Length of stay, admission types, psychiatric diagnoses, and the implications of stigma in African Americans in the nationwide inpatient sample

Lois Bolden, Mona Wicks

Research output: Contribution to journalArticle

24 Citations (Scopus)

Abstract

African Americans purportedly have a higher prevalence of mental illnesses but are often misdiagnosed and less likely to seek treatment. Delayed treatment has been associated with the stigma related to these disorders. The demographic characteristics, length of stay, most prevalent psychiatric diagnoses, and hospital admissions of African Americans were compared to other U.S. populations using a nationwide sample (N = 4,474,732). African American participants were younger, had significantly longer lengths of stay, and were admitted more often through the emergency room than the other groups in this sample. Psychosis, alcohol/drug dependence, and depressive neurosis were the most prevalent psychiatric diagnoses reported for African American participants. Research is needed to explain these results so that strategies can be instituted to improve the poor mental health outcomes often observed in African American populations.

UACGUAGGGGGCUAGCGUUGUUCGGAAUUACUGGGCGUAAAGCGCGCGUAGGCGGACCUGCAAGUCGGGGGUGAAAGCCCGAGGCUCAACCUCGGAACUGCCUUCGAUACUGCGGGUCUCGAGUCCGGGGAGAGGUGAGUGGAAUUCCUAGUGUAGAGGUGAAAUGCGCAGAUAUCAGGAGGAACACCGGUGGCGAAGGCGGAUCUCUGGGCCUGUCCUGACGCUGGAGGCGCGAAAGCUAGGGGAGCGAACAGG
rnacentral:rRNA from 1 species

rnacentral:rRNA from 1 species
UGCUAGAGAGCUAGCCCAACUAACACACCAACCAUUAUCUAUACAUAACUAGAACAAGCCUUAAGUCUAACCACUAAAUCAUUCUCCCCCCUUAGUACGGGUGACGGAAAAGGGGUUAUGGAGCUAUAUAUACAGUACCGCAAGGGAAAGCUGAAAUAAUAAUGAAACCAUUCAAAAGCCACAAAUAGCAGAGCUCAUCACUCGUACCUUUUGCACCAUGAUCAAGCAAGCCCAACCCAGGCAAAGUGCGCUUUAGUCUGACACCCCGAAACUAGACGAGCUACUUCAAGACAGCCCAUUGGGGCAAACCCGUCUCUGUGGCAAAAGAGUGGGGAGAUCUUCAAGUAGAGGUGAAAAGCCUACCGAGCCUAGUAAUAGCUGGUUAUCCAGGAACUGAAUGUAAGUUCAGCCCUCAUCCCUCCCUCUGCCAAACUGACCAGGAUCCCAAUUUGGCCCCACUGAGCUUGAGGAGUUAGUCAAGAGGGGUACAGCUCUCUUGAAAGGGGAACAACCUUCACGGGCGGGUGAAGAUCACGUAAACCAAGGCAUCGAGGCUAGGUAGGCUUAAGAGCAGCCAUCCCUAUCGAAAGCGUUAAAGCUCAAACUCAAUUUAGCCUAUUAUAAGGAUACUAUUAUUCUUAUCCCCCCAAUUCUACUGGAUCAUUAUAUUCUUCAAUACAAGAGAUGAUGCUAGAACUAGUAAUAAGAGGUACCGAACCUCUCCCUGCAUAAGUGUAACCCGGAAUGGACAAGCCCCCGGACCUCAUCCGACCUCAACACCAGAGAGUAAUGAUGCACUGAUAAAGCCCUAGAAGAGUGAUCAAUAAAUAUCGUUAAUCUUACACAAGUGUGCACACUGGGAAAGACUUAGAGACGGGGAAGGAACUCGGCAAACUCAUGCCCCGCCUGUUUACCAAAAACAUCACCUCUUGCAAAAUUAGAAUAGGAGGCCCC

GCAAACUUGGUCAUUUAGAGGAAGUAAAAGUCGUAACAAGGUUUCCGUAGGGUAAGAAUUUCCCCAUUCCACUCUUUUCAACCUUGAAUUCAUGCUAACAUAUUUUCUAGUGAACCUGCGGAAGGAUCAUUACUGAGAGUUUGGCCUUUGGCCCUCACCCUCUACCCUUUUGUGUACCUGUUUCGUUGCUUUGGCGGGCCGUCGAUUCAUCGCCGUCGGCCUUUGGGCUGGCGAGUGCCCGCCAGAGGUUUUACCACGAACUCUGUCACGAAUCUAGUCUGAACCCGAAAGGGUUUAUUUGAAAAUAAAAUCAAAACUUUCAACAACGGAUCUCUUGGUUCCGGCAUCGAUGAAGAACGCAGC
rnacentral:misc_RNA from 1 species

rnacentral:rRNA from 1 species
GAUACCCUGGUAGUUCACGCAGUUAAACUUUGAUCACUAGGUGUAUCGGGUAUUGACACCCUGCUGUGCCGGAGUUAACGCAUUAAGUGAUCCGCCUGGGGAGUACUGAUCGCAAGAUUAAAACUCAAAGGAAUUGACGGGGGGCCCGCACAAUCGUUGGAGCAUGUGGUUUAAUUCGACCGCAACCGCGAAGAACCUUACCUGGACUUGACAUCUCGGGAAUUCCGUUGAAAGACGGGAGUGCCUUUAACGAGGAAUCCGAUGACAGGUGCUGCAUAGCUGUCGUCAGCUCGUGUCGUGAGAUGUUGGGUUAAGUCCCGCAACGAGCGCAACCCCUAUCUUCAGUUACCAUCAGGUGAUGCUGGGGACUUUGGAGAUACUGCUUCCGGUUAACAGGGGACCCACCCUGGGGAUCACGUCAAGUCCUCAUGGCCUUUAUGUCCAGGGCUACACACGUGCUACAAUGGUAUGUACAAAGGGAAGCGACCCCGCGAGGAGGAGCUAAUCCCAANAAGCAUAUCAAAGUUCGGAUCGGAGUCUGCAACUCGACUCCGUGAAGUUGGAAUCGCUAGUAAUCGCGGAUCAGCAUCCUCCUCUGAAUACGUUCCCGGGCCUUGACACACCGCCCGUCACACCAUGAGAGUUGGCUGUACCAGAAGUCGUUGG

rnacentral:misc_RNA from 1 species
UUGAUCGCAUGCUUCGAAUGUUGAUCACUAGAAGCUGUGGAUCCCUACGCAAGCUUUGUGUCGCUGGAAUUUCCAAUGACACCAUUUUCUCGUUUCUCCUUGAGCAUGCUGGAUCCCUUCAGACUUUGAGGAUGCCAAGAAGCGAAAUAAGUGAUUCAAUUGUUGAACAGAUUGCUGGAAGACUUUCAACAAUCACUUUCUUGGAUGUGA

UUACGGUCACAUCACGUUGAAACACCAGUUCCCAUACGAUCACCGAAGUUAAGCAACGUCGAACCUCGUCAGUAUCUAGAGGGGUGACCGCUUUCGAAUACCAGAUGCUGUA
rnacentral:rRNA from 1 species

Original languageEnglish (US)
Pages (from-to)1043-1059
Number of pages17
JournalIssues in Mental Health Nursing
Volume26
Issue number10
DOIs
StatePublished - Dec 1 2005

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Mental Disorders
African Americans
Inpatients
Length of Stay
Psychiatric Hospitals
Depressive Disorder
Diagnostic Errors
Psychotic Disorders
Population
Alcoholism
Substance-Related Disorders
Hospital Emergency Service
Mental Health
Demography
Therapeutics
Research

All Science Journal Classification (ASJC) codes

  • Phychiatric Mental Health

Cite this

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